Fire Emblem: Thracia 776

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Fire Emblem: Thracia 776
Fe5box.jpg
Developer(s) Intelligent Systems
Publisher(s) Nintendo
Producer(s) Takehiro Izushi
Designer(s) Shouzou Kaga
Artist(s) Mayumi Hirota
Writer(s) Shouzou Kaga
Composer(s) Yuka Tsujiyoko
Series Fire Emblem
Platform(s) Super Famicom
Release date(s) Nintendo Power
  • JP: September 1, 1999
ROM Cartridge
  • JP: January 21, 2000
Genre(s) Tactical role-playing
Mode(s) Single-player

Fire Emblem: Thracia 776 (Japanese: ファイアーエムブレム トラキア776 Hepburn: Faiā Emuburemu: Torakia Nana Nana Roku?) is a tactical role-playing game developed by Intelligent Systems and published by Nintendo for the Super Famicom: it originally released through the Nintendo Power flash cartridge in 1999, then on a ROM cartridge the following year. It is the fifth installment in the Fire Emblem series,[a] the fourth and last title to be developed for the Super Famicom, and the last home console Fire Emblem until the release of Fire Emblem: Path of Radiance in 2005.

Thracia 776 takes place on the continent of Jugdral. Set in the generational gap within Fire Emblem: Genealogy of the Holy War, the story follows main protagonist Leif as he rallies a private army in an attempt to defeat the ruling Grannvale Empire and restore his lost kingdom of Thracia. Gameplay follows the traditional Fire Emblem system of tactical battles taking place on grid-based maps, but with added elements such as a Fatigue system where characters lose energy with each performed action.

Development began in 1998 as a compact side project to Genealogy of the Holy War, although it eventually grew considerably in scale. Series creator Shouzou Kaga acted as designer and scenario writer, the characters were designed by Mayumi Hirota, while the music was composed by Yuka Tsujiyoko. Kaga, Hirota and Tsujiyoko would later leave Intelligent Systems to pursue independent careers, with only Tsujiyoko returning to work on future games. The game was commercially successful upon release, although it was one of the poorer selling titles in the series as a whole. It also received positive reviews from critics. No version has been released in the West.

Gameplay[edit]

A mission within Fire Emblem: Thracia 776: displayed is a player unit's range of movement during their turn.

Fire Emblem: Thriacia 776 is a tactical role-playing game in which the player takes command of a group of units and goes on story-based missions with varying objectives, from defeating specific enemies and rescuing targets to escaping unharmed from engagements.[3] Maps hold a variety of different terrains, from flat plains to mountains: combined with a unit's own abilities, the environment affects movement. There are also locations such as towns and churches where items, in-game currency or health may be granted of a unit remains there long enough. In addition, a "Fog of War" effect is present in some maps, where the map is obscured to players until the unit advances and reveals the portion of map within their movement and attack range.[4]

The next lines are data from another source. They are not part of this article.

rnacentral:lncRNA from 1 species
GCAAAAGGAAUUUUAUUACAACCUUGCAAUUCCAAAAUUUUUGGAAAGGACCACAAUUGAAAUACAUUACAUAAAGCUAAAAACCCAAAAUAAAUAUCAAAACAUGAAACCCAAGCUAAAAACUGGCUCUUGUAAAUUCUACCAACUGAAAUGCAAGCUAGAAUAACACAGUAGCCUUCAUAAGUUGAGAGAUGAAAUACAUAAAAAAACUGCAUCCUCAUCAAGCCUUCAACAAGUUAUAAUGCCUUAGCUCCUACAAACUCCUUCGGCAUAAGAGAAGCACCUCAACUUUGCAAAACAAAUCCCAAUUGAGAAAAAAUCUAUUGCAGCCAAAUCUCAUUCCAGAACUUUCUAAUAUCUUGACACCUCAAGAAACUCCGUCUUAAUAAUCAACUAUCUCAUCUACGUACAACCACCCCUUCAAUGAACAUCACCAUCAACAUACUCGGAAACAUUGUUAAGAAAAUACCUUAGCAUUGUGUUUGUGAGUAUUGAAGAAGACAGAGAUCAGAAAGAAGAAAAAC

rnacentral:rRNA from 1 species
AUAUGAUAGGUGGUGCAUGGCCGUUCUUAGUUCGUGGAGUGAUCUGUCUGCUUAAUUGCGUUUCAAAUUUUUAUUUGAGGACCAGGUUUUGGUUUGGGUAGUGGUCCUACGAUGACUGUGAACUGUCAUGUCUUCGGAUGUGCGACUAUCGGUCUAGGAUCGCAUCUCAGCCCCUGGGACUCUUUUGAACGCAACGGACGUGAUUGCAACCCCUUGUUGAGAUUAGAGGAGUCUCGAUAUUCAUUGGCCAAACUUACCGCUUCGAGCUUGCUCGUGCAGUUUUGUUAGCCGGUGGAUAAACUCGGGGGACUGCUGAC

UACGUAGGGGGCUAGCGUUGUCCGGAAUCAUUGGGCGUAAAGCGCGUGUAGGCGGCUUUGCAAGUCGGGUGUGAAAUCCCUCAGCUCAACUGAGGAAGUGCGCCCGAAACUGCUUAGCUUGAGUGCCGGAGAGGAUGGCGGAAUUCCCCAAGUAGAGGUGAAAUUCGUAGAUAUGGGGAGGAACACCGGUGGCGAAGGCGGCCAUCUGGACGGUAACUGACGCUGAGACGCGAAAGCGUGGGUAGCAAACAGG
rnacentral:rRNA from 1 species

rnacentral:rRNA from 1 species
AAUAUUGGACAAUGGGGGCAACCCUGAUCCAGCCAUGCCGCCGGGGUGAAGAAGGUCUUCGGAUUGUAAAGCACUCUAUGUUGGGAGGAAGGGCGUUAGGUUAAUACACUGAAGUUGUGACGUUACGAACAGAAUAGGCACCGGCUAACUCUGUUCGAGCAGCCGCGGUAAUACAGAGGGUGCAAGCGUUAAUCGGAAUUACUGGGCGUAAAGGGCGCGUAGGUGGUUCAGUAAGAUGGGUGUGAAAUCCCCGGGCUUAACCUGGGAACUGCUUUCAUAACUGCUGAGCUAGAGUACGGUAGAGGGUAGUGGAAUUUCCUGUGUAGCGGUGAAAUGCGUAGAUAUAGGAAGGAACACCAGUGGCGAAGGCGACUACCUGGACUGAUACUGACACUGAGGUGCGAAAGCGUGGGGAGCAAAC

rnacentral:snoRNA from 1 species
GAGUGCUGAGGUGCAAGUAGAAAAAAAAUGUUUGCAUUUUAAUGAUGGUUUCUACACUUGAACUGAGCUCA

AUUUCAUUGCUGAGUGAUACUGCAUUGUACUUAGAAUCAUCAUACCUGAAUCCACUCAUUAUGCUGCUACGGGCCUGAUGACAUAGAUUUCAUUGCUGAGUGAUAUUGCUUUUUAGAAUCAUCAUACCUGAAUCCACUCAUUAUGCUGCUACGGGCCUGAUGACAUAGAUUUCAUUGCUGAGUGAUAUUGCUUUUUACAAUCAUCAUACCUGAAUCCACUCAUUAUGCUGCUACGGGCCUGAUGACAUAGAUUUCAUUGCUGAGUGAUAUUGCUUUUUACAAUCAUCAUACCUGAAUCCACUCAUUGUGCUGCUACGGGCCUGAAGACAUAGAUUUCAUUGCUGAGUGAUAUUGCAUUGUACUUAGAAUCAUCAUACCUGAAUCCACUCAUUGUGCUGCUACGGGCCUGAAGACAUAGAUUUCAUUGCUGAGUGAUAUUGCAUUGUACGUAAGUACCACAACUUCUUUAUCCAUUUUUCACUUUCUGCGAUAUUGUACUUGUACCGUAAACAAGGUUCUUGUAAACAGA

Thracia 776 uses a turn-based battle system, where each side acts within their turn to move selected units across a map using a grid-based layout. Units and their alignment or status are represented through colors, with blue units being playable and red units being enemies among others.[3] After a certain point in the game, advance planning for units becomes available, allowing players to pick a group of units to take into a battle.[5] When two units engage, the scene transitions to a separate battle screen where the fight plays out automatically, with each units' stats being displayed below the battle.[6] The battle is won when the map objective is completed: objectives vary from defeating all enemies to defeating specific units or rescuing particular units, or even escaping unharmed from battle.[3] After a point in the game, specific actions such as attacking or opening chests add "Fatigue" to a character: should they become too fatigued, they will not be playable in the following chapter.[4] Actions in battle reward player units with experience points (EXP): when one hundred EXP are gathered, the character will level up and their stats will be randomly raised.[3] Each stat is capped at 20 points: stats are divided into health and magic, and passive abilities such as agility, speed and critical hit likelihood.[6]

Each unit is assigned a character class, while affects their assigned weapon, strengths and weaknesses, and range and speed of movement on the battlefield: these classes range from axemen and swordsmen to thieves, to mounted units and magic users such as healers. Some characters, such as main protagonist Leif, have unique classes. Classes also naturally evolve during the course of the story. Mounted units have the option of dismounting their steeds to fight on-foot.[4][7][8] Weapons within a unit's selected character class can be freely swapped out for more powerful versions: when mounted units dismount, they swap spears for axes or swords.[4][6] Weapon effectiveness is governed by the Weapons Triangle: swords are strong against axes, axes against spears, and spears against swords.[4]

Plot[edit]

Setting[edit]

Fire Emblem: Thracia 776 takes place in the Republic of Manster, and the Kingdom of Thracia on the continent of Jugdral. It's events occur during Gran year 776 (in-between Chapters 5 and 9 in Seisen no Keifu). The evil Grannvale Empire has unified the continent under tyrannical rule for nearly 13 years, and a worldwide rebellion is slowly boiling.

Story[edit]

After the Fiana Freeblades (a group of fighters who protect the village of Fiana) leave to attack bandits, Raydrik (Duke of Manster) leads a group of soldiers from the Manster District, and takes over the village in search of Lord Leif, the son of deceased Prince Quan of Leonster and Ethlyn of Chalphy (and heir to the Kingdom of Leonster). Before his return to Manster, Raydrik kidnaps Nanna (a childhood friend of Leif and adopted daughter to Finn) and Mareeta (adopted daughter to Lady Eyvel) in hopes of gaining leverage power to capture Leif. When the Freeblades return, they reclaim Fiana from the soldiers, but are too late to confront Raydrik. Leif, devastated by the kidnapping of Nanna and Mareeta, decides to stop running from the empire, lead the group (in hopes of rescuing Nanna and Mareeta) and restore his lost Kingdom.